So here it is, the first of my shows from the Edinburgh International Film Festival, where I hooked up with screenwriter Paul Laverty to talk about his new film It’s A Free World and the past decade of writing screenplays with director Ken Loach.
I actually met Paul ten years ago when he came to Birmingham to do a Q&A for his first film, Carla’s Song. I was working at the Electric Cinema and grabbed the chance to be the hospitality guy who took Paul for a meal at the nearest restaurant while the film was showing. He was the first working screenwriter I’d ever talked to at length and we had a great conversation before I reluctantly took him back to the Electric for the end of the film.
He’s since written six more features with Ken Loach and his newest, It’s A Free World, wasn’t actually showing in Edinburgh (see humorous excerpt within the show) because it was premiering at the Venice Film Festival the week after. Paul was in Edinburgh for an In Person talk with festival director Hannah McGill that was absolutely packed to the rafters.
He talked about scenes from My Name is Joe, The Wind That Shakes the Barley, Sweet Sixteen and Bread and Roses, and the perils of writing politically committed cinema that’s about real characters and avoids the mere illustrating of issues.
I recorded the session and then re-introduced myself as people piled out to ask him if he’d like to give an interview for the Shooting Screenwriters show. He was happy to but only had 10 minutes of his day free later that night before some meal he had to attend. So we hooked up later and he happily talked for half an hour before I let him go.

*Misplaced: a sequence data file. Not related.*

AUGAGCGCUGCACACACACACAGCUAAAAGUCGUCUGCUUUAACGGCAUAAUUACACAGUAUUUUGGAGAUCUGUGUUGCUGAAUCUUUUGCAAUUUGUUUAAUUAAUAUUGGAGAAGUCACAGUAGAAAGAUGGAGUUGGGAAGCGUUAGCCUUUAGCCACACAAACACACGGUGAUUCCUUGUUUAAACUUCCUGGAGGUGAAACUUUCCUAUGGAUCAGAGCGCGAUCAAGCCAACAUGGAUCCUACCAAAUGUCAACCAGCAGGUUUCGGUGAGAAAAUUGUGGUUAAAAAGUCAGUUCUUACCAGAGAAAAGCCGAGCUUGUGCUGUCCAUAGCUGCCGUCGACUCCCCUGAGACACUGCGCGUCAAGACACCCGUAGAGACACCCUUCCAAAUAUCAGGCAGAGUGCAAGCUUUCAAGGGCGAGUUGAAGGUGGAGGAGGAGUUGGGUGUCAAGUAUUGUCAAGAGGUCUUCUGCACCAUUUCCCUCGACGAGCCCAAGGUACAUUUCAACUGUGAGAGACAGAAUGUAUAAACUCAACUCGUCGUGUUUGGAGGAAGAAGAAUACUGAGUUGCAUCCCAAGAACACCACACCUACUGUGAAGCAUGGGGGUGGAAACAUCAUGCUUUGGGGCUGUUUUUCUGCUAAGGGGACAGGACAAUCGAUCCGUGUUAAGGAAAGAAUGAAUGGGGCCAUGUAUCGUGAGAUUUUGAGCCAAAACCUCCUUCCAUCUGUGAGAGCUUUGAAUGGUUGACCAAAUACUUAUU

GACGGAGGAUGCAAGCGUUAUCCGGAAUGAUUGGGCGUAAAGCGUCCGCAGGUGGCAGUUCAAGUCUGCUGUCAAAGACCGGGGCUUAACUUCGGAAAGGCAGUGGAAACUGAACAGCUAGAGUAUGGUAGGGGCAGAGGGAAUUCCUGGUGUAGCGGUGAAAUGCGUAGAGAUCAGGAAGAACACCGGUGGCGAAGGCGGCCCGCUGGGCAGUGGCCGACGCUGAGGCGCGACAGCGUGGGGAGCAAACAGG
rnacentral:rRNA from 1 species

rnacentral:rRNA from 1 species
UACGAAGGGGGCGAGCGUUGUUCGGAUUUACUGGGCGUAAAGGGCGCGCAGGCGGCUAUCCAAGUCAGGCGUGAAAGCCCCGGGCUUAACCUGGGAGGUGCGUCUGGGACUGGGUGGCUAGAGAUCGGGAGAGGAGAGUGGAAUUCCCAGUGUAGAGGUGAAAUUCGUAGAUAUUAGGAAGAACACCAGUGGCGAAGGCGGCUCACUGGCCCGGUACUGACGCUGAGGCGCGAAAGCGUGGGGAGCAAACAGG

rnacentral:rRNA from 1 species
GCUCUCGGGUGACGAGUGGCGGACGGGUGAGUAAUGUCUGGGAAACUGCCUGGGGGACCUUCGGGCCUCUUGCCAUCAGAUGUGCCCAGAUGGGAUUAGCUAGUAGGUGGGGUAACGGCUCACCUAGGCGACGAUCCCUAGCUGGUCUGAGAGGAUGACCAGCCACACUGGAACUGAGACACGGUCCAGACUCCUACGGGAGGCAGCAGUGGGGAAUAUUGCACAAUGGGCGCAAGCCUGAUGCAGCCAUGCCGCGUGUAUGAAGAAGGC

Paul on screenwriting courses : People seem to take great delight in knocking all these courses but I actually learned a great deal, because I had so much to learn, and still do I think … finding out how other people do it is not a bad idea in any job, is it!
On working with Ken Loach : I suppose neither of us are great ones for the auteur theory. I’m a writer and he’s a director and we meet in the middle as filmmakers.
On writing ‘issues’ : I don’t think a great issue makes for a great film. You have to find a subtle and unexpected way into it. But I think great issues deserve a great story.
The show now has a svelte 30-mins-or-less time slot and you can either right-click and ‘Save target as’ to download it, or go to the Shooting People Podcasts page to subscribe for free and get future shows sent to you direct.
It’s A Free World won the Best Screenplay prize at Venice the following week and it’s being screened by Channel 4 within the next fortnight with a DVD release in October.